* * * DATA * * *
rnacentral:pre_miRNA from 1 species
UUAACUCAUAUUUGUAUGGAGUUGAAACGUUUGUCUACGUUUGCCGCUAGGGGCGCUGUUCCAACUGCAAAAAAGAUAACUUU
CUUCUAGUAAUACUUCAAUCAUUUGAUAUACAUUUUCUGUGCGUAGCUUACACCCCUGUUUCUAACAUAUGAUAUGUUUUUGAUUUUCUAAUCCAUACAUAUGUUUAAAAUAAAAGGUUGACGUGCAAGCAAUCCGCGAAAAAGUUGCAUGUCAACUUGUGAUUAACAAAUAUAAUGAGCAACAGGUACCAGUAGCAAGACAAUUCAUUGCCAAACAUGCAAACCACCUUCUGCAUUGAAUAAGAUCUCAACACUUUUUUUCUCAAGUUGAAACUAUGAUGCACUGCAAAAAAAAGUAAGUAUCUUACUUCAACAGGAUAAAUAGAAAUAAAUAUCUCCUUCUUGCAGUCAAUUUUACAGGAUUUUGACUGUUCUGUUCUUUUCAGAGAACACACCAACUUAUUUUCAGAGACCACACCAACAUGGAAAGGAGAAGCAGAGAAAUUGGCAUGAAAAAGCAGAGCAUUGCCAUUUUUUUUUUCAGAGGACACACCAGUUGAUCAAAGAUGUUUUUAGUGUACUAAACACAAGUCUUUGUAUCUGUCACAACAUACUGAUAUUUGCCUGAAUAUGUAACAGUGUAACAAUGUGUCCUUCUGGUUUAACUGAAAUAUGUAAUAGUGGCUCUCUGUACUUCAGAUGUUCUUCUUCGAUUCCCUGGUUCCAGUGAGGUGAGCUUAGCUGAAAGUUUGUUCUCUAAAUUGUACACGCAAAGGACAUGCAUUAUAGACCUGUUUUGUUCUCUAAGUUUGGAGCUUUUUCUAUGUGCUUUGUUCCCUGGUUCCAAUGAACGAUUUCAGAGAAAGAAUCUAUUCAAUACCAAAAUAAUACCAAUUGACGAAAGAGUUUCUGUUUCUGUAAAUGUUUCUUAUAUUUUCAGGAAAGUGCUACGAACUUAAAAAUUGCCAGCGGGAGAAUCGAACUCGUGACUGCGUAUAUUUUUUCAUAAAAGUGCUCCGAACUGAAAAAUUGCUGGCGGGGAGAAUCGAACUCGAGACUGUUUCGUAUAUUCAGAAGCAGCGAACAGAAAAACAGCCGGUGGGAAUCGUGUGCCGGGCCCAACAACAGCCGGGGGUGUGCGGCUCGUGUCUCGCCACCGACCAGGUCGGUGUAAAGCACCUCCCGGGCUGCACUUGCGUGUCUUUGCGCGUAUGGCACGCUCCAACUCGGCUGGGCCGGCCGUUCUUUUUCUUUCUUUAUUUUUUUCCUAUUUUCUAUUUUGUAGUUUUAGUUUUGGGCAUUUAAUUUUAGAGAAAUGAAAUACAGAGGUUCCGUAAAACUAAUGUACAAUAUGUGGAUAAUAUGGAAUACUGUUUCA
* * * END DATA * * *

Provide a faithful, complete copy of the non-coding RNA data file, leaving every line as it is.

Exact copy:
rnacentral:pre_miRNA from 1 species
UUAACUCAUAUUUGUAUGGAGUUGAAACGUUUGUCUACGUUUGCCGCUAGGGGCGCUGUUCCAACUGCAAAAAAGAUAACUUU
CUUCUAGUAAUACUUCAAUCAUUUGAUAUACAUUUUCUGUGCGUAGCUUACACCCCUGUUUCUAACAUAUGAUAUGUUUUUGAUUUUCUAAUCCAUACAUAUGUUUAAAAUAAAAGGUUGACGUGCAAGCAAUCCGCGAAAAAGUUGCAUGUCAACUUGUGAUUAACAAAUAUAAUGAGCAACAGGUACCAGUAGCAAGACAAUUCAUUGCCAAACAUGCAAACCACCUUCUGCAUUGAAUAAGAUCUCAACACUUUUUUUCUCAAGUUGAAACUAUGAUGCACUGCAAAAAAAAGUAAGUAUCUUACUUCAACAGGAUAAAUAGAAAUAAAUAUCUCCUUCUUGCAGUCAAUUUUACAGGAUUUUGACUGUUCUGUUCUUUUCAGAGAACACACCAACUUAUUUUCAGAGACCACACCAACAUGGAAAGGAGAAGCAGAGAAAUUGGCAUGAAAAAGCAGAGCAUUGCCAUUUUUUUUUUCAGAGGACACACCAGUUGAUCAAAGAUGUUUUUAGUGUACUAAACACAAGUCUUUGUAUCUGUCACAACAUACUGAUAUUUGCCUGAAUAUGUAACAGUGUAACAAUGUGUCCUUCUGGUUUAACUGAAAUAUGUAAUAGUGGCUCUCUGUACUUCAGAUGUUCUUCUUCGAUUCCCUGGUUCCAGUGAGGUGAGCUUAGCUGAAAGUUUGUUCUCUAAAUUGUACACGCAAAGGACAUGCAUUAUAGACCUGUUUUGUUCUCUAAGUUUGGAGCUUUUUCUAUGUGCUUUGUUCCCUGGUUCCAAUGAACGAUUUCAGAGAAAGAAUCUAUUCAAUACCAAAAUAAUACCAAUUGACGAAAGAGUUUCUGUUUCUGUAAAUGUUUCUUAUAUUUUCAGGAAAGUGCUACGAACUUAAAAAUUGCCAGCGGGAGAAUCGAACUCGUGACUGCGUAUAUUUUUUCAUAAAAGUGCUCCGAACUGAAAAAUUGCUGGCGGGGAGAAUCGAACUCGAGACUGUUUCGUAUAUUCAGAAGCAGCGAACAGAAAAACAGCCGGUGGGAAUCGUGUGCCGGGCCCAACAACAGCCGGGGGUGUGCGGCUCGUGUCUCGCCACCGACCAGGUCGGUGUAAAGCACCUCCCGGGCUGCACUUGCGUGUCUUUGCGCGUAUGGCACGCUCCAACUCGGCUGGGCCGGCCGUUCUUUUUCUUUCUUUAUUUUUUUCCUAUUUUCUAUUUUGUAGUUUUAGUUUUGGGCAUUUAAUUUUAGAGAAAUGAAAUACAGAGGUUCCGUAAAACUAAUGUACAAUAUGUGGAUAAUAUGGAAUACUGUUUCA